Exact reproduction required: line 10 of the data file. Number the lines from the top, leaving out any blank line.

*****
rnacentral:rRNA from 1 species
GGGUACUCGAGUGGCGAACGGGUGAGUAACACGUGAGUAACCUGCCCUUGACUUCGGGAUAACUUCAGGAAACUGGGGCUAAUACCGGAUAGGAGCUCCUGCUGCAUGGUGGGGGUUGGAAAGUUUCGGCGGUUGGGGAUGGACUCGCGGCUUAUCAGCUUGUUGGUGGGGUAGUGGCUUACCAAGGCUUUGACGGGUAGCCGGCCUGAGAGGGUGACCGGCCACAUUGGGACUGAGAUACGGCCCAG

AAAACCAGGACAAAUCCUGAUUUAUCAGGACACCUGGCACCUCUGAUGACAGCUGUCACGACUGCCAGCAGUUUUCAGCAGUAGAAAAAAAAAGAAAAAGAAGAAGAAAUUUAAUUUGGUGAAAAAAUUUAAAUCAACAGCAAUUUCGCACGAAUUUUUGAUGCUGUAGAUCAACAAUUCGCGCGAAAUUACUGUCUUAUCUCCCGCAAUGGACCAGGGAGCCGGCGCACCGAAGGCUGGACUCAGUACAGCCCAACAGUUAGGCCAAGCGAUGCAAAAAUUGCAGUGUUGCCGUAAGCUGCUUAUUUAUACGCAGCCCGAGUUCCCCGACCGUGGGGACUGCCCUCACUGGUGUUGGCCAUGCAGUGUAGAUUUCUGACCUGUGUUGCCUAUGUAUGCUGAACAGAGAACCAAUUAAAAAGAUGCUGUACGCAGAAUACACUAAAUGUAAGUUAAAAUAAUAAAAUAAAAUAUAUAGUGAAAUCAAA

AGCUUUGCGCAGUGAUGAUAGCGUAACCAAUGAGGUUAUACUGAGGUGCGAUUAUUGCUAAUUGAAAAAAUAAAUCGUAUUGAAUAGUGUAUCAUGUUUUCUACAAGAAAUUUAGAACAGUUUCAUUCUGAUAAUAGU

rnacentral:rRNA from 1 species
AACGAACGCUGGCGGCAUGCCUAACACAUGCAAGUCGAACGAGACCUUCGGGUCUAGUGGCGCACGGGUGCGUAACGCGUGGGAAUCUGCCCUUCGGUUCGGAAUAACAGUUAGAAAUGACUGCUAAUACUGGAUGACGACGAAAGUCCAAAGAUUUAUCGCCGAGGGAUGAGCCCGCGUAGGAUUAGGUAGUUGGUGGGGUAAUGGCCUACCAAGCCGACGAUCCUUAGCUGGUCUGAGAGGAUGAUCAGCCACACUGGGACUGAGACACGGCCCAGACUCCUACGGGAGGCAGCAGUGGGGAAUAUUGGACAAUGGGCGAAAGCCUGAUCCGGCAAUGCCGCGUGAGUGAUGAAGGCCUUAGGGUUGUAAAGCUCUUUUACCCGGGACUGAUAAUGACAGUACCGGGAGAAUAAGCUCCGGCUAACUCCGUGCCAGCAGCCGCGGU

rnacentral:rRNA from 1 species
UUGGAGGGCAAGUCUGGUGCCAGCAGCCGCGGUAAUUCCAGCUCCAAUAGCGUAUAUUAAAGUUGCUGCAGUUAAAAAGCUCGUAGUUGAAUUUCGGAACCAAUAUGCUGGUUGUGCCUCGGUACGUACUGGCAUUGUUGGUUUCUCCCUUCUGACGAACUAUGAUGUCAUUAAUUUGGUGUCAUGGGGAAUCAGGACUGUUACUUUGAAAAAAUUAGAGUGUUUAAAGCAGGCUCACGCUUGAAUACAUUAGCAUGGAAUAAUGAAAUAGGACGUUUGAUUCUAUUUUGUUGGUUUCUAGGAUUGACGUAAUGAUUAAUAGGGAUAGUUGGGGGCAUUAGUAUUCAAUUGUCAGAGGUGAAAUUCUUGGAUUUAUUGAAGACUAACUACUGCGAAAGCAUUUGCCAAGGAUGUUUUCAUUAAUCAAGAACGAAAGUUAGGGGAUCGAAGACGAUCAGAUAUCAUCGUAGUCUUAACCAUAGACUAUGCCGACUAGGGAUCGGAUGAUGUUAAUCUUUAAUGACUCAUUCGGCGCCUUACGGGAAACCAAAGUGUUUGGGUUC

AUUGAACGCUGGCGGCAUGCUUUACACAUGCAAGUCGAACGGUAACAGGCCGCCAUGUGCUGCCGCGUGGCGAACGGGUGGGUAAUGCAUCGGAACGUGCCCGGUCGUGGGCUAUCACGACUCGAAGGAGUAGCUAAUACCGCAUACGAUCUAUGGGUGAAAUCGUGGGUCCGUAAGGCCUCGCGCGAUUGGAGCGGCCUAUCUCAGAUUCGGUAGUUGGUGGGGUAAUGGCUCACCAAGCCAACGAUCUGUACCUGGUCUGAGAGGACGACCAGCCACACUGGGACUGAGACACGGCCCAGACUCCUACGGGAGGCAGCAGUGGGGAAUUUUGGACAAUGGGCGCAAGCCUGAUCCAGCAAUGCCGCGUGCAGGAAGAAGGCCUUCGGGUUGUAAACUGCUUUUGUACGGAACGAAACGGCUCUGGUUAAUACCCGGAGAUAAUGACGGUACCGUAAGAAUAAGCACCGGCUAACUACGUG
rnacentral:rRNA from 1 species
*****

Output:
rnacentral:rRNA from 1 species